How to get your Motivation Back
You were so keen at the start of semester, so motivated. Somewhere along the line that fizzled out, and you could really use some motivation right now because assignments are due and exams are edging their way closer. How do you get your law student mojo back?
So far, so good
It probably feels like you’ve achieved very little this semester and that all the work is ahead of you. At risk of sounding dangerously like a motivational speaker, the semester is like climbing a mountain: all you’re looking at is how much you have left to climb, but if you looked back you’d see how far you’ve already come. Okay, well that was embarrassing. No more metaphors, I promise.
But seriously, you’ve done heaps of work already. You’re over half way through the semester. Be proud of what you’ve achieved so far. There’s nothing like past achievements to motivate future ones.
It’s easy to lose sight of the bigger picture when you’re stuck down in the nitty gritty of daily law student life. Who could think about their dream of being a media lawyer when they’re writing a property law assignment?
Regain your motivation by reading a book or watching a show that inspires you about your future career. It could be a book by Geoffrey Robertson QC, or one of Alan Shore’s brilliant closing arguments on Boston Legal. It doesn’t matter what it is, so long as it helps you to view your degree (especially the boring bits) as an essential step along the way to your ultimate goal.
Get some stress relief
Stress can really zap your enthusiasm. Where possible, remove sources of stress from your life.
Stress-relief activities such as going outside for a run (avoid the gym and go outside) will also help you to feel calmer and more positive – it’s pretty impressive what a bit of sunshine can do for your mood.
For the couch potato-types (myself included) watch a comedy – it’s hard to be negative when you’re laughing. Music can also be really good for both stress relief and motivation. Eye of the Tiger, anyone?
What do I want?
Another problem can be listening to other people too much. If you do something to please others, it’s unlikely you’ll ever feel motivated and passionate about it. And don’t let people talk you out of something by telling you that you that it's 'competitive' or that 'few make it’. Also, ‘everyone else is doing it’ is not really a good reason to do something you’re not interested in.
Sometimes you just have so many distractions that it crowds out your passion for law student-ing. If it’s boring and unimportant, why are you letting it take up so much of your time? Pursue your goals and the motivation will usually follow.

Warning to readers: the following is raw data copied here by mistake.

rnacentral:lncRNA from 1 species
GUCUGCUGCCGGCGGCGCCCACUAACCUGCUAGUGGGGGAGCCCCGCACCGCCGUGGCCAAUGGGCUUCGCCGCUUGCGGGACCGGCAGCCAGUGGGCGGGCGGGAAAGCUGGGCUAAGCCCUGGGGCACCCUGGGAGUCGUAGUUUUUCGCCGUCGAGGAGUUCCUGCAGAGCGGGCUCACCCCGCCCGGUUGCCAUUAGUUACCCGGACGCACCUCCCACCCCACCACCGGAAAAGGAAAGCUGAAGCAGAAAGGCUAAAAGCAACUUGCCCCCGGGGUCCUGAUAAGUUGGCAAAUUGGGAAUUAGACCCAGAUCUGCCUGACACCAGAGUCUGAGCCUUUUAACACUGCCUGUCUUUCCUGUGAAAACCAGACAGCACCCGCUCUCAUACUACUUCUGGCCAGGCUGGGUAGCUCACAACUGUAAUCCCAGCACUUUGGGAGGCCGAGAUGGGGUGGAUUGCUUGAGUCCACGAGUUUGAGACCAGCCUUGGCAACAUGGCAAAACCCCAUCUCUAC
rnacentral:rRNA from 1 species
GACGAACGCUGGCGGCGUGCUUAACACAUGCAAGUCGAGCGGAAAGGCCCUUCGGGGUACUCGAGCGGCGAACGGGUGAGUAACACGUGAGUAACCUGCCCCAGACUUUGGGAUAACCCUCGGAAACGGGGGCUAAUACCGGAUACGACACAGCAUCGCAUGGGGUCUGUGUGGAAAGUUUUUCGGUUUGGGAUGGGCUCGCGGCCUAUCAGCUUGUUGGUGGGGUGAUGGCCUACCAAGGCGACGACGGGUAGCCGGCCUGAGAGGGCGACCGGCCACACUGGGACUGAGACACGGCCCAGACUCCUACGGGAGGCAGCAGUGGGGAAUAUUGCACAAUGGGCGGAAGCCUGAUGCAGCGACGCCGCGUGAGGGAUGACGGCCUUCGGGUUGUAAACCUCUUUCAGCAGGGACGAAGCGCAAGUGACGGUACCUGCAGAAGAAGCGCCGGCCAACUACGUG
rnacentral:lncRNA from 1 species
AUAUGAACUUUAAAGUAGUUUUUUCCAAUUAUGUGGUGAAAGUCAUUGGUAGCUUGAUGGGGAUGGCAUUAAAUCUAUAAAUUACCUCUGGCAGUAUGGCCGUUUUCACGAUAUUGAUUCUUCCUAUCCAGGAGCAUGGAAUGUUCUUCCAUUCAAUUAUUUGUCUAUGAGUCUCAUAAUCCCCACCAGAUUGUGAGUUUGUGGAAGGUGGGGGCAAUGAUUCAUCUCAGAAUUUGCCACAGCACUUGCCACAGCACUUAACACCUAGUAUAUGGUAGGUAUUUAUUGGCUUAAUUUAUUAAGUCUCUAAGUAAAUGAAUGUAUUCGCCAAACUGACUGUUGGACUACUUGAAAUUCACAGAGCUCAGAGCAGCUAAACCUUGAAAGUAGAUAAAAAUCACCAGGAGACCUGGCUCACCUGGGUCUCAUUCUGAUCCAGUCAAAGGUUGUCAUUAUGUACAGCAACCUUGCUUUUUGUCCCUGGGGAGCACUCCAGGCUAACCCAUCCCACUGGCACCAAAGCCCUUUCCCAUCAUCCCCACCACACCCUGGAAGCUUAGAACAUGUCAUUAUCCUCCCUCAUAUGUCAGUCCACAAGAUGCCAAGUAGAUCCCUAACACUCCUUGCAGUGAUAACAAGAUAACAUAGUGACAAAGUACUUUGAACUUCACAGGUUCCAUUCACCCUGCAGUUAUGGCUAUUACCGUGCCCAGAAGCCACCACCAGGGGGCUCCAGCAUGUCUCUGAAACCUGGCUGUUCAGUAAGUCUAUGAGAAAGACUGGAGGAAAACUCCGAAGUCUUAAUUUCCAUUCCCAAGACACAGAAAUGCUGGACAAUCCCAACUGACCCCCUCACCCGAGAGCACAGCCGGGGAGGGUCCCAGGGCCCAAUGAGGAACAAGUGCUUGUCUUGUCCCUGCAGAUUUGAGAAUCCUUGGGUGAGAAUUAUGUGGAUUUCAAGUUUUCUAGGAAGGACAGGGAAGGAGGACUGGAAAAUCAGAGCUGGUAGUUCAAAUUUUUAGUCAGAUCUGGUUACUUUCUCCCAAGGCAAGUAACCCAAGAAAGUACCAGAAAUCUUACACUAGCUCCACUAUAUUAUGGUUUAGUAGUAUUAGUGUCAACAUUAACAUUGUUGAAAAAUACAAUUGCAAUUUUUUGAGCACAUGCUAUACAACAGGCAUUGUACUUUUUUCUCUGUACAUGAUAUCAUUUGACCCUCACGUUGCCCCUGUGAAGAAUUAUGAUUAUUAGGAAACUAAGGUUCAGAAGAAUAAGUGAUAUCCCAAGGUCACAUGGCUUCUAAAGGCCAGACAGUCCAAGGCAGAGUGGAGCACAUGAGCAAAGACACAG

Dealing with disappointment
It’s pretty much inevitable that somewhere in the course of your degree you’re going to experience failure of some variety, and it’ll do nothing for your motivation. It happens to everyone so don’t beat yourself up too much. Or as Dr. Seuss would say: “I’m sorry to say so, but, sadly it’s true that bang-ups and hang-ups can happen to you.”
In a previous semester my favourite subject was Estate Planning. Not only did I love the subject matter (nerd alert) it also just ‘made sense’ to me. I worked really hard on an assignment and was really confident with what I’d handed in. I ended up failing that assessment and for a while I lost the motivation to do any work for the subject. Due to the efforts of a very engaging lecturer, I got my inspiration back and went on to get an overall subject mark that I was happy with.
Having been there, my advice is to learn from your mistakes and don’t let your failures own you. One bad mark doesn’t mean that you’re not capable or worthy of your career ambitions, and it certainly doesn’t mean you’re going to fail the subject. Learn from your mistakes (get advice from your tutor if you need it) and you’ll be a better law student for it.
If all else fails…
If you can’t find the motivation, bribe yourself. I’m serious! Criminal law isn’t your thing but you have to do that assignment. Break it down into small tasks and give yourself rewards for completing them: checking Facebook when you finish that paragraph, having a Milo when you’ve done all your references. Bribery has gotten me through many uninspiring assignments.
Even self-bribery doesn’t always work. Sometimes you’ve just got to plough through it. At the very least, a deadline can be pretty motivating.
FROM THE ARCHIVES: This story was first published on Survive Law on 14 September 2011.
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